September Contest Poll

By on Oct 1, 2010 in Contests

Time to vote for the September contest!

The September topic was “Back in the Saddle.”

The first entry is flsh fiction, “My Fear Factor,” by Terry McKee:

Here it comes again, that ever so faint fluttering in my stomach. It sits in one little spot at the bottom on my tummy, tickling me like a mother tickles her small child, except this isn’t fun. This is fear, unabashed, full-fledged, tingling FEAR. I know it all too well, and as much as I try, I can’t seem to escape it.

I try to reason it away but it’s no use. It’s as if this emotion has a mind of its own and stubbornly refuses to believe what I know to be true that my young horse Stryker, who I’ve not ridden in four months, isn’t going to hurt me, at least not intentionally.

It doesn’t help that I shipped him to Florida from New Jersey two days ago, so everything is new to him. New sights, sounds, smells, horses, everything, even me, all of which probably scare the you-know-what out of him. A win-win situation, perfect!

In fact, I’m sitting here writing all of this when I should be off to the barn to ride Stryker but I’m so scared I can’t move, save my fingers along this keyboard. My toes are curled so tight, my feet can’t go flat, so I can’t push away from the desk to get out of the chair and walk to the car.

“I’m only making things worse.” I say resolutely, while my head knows it to be undeniably true, my stomach isn’t buying it. Knots begin to form.

Horses are like a self fulfilling prophecy gone bad. Their acuity of their rider’s mood is second to none. It’s sort of like a ‘if you build it, they will come’ thing. If I’m afraid of it, the horse will definitely do it. Although not scientifically proven, it’s a fact every horse person knows to be true. If I’m afraid Stryker is going to buck me off, and not maliciously mind you, either out of youthful exuberance or because he’s afraid and spooks, chances are very good that he’ll do it.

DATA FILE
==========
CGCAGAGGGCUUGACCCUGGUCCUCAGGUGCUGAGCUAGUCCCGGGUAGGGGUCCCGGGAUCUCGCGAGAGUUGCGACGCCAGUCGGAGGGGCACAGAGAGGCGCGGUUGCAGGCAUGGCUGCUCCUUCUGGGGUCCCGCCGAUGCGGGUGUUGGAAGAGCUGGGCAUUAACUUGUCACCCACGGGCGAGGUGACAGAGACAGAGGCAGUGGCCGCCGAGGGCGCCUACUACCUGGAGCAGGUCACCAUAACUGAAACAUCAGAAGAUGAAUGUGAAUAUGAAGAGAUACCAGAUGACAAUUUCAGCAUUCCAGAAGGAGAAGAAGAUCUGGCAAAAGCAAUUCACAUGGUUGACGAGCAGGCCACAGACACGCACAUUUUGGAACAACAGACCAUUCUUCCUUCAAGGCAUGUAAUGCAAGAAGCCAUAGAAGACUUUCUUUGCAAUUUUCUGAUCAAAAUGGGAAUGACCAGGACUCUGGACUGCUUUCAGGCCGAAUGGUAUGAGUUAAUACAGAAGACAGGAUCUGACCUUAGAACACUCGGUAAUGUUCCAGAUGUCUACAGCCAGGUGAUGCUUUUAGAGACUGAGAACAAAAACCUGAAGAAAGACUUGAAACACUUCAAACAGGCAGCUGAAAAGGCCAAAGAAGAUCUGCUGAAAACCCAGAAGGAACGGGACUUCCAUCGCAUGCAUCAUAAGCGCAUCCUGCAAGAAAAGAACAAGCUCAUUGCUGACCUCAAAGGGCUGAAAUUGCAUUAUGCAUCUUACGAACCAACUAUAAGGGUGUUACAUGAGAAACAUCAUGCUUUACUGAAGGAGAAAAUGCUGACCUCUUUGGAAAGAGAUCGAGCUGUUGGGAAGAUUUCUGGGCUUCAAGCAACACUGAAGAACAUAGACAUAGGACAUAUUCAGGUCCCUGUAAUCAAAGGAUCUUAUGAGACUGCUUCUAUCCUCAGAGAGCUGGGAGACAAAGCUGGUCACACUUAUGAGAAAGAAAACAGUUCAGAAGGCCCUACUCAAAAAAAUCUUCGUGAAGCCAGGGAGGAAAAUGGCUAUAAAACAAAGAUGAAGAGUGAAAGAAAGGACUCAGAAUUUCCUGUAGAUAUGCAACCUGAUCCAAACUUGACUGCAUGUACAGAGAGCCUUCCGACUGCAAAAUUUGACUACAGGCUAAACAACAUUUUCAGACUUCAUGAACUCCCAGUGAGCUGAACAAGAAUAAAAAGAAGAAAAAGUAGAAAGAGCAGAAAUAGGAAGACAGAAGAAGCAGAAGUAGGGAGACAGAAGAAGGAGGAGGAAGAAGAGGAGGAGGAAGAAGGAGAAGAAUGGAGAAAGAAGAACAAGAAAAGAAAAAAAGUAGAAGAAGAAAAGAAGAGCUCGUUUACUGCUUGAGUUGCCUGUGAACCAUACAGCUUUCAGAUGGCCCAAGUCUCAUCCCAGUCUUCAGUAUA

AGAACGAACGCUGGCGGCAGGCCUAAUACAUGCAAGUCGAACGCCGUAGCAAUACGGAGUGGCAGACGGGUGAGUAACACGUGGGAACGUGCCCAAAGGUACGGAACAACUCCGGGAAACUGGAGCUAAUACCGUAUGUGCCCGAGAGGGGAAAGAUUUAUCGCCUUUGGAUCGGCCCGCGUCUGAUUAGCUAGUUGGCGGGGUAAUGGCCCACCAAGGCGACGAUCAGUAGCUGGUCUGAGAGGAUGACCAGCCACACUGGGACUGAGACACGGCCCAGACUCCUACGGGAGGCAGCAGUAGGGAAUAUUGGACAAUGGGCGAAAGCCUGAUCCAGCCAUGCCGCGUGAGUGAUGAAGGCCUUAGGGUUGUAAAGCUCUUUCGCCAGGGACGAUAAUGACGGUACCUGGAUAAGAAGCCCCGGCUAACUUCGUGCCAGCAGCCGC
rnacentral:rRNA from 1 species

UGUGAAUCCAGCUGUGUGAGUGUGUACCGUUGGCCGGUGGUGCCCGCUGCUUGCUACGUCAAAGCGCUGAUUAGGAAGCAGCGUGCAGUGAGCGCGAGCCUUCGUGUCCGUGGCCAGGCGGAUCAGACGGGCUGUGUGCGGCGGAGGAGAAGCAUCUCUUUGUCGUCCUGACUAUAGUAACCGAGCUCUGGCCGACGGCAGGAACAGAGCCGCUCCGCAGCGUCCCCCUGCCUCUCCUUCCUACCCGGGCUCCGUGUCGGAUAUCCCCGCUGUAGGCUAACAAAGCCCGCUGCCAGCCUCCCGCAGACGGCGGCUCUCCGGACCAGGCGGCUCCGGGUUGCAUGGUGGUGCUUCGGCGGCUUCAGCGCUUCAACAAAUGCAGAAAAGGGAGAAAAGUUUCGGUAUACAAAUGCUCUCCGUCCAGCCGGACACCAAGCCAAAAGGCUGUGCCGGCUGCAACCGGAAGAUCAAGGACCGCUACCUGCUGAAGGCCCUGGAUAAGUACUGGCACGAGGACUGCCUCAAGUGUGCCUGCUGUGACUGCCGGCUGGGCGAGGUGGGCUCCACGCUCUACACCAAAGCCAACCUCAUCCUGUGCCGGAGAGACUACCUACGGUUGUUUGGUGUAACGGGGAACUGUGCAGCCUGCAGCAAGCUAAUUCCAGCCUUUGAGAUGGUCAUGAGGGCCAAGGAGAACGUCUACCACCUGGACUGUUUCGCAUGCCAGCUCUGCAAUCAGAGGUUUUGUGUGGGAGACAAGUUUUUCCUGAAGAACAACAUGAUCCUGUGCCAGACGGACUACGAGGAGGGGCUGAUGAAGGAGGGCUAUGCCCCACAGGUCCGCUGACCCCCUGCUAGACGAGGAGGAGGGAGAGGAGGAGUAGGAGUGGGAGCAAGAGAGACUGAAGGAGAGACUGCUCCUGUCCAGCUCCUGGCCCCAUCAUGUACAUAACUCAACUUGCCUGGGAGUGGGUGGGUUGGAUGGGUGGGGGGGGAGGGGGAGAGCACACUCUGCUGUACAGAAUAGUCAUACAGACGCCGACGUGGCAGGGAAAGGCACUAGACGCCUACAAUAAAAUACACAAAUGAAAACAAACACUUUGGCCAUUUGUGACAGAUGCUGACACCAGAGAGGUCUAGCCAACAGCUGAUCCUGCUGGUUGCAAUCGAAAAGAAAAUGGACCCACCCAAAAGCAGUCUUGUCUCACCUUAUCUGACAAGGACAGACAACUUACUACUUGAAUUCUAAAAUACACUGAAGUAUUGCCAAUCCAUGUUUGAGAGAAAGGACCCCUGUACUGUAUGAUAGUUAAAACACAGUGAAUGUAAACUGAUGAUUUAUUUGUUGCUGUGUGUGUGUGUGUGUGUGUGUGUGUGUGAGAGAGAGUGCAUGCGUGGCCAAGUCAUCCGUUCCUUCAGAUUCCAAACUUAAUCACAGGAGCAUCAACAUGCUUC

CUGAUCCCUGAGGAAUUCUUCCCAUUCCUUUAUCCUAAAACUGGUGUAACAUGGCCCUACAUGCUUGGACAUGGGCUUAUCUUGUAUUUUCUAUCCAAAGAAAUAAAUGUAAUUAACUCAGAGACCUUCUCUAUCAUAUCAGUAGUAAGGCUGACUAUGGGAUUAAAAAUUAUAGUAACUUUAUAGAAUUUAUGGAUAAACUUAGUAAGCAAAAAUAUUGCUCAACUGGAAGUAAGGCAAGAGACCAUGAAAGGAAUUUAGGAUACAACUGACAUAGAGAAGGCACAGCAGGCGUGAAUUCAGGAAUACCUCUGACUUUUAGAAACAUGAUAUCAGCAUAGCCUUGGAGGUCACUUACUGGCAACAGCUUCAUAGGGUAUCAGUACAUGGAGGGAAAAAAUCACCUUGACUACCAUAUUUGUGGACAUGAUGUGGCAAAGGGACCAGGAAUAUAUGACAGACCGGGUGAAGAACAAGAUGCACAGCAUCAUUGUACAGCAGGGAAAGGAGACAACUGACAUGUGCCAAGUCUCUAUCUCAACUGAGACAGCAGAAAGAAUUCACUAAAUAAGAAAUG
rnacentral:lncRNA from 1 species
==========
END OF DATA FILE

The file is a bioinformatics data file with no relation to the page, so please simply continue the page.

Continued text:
So fear begets fear begets even more fear, and fear is my nemesis.  I can’t run, I can’t hide and I can’t shake this tightening in my belly. The tickling is more like thumping now. The more I tell myself it’s a mistake or try to ignore it; the vice-grip around my stomach tightens so severely it hurts. I feel like the gastric juices are eating a hole through it.

Taking a lesson from Chicken Little, the only way I know how to get rid of fear is to face it head on. So in response to that age old question: what do you do when a horse bucks you off? Let the instructor get back in the saddle.

The second entry is a poem, “The Ballad of The Once Sir Charles,” by Ron Runeborg, which you can read at this link:

You can vote only once, so please choose carefully! The poll will be open until 6 p.m. on Friday, October 8.

The winner of the June contest will receive a Wild Violet rectangular magnet, publication, and will be eligible to compete as a finalist in the annual short-form contest.




Alyce Wilson is the editor of Wild Violet and in her copious spare time writes humor, non-fiction, fiction and poetry and infrequently keeps an online journal. Her first chapbook, Picturebook of the Martyrs; her e-book/pamphlet, Stay Out of the Bin! An Editor's Tips on Getting Published in Lit Mags ; her book of essays and columns, The Art of Life; her humorous nonfiction ebook, Dedicated Idiocy: How Monty Python Fandom Changed My Life, and her newest poetry collection, Owning the Ghosts, can all be ordered from her Web site, In late 2019, she published a volume of poetry by her third great-grandfather, Reading's Physician Poet: Poems by Dr. James Meredith Mathews, which also contains genealogical information about the Mathews family. She lives with her husband and son in the Philadelphia area and takes far too many photos of her handsome, creative son, nicknamed Kung Fu Panda.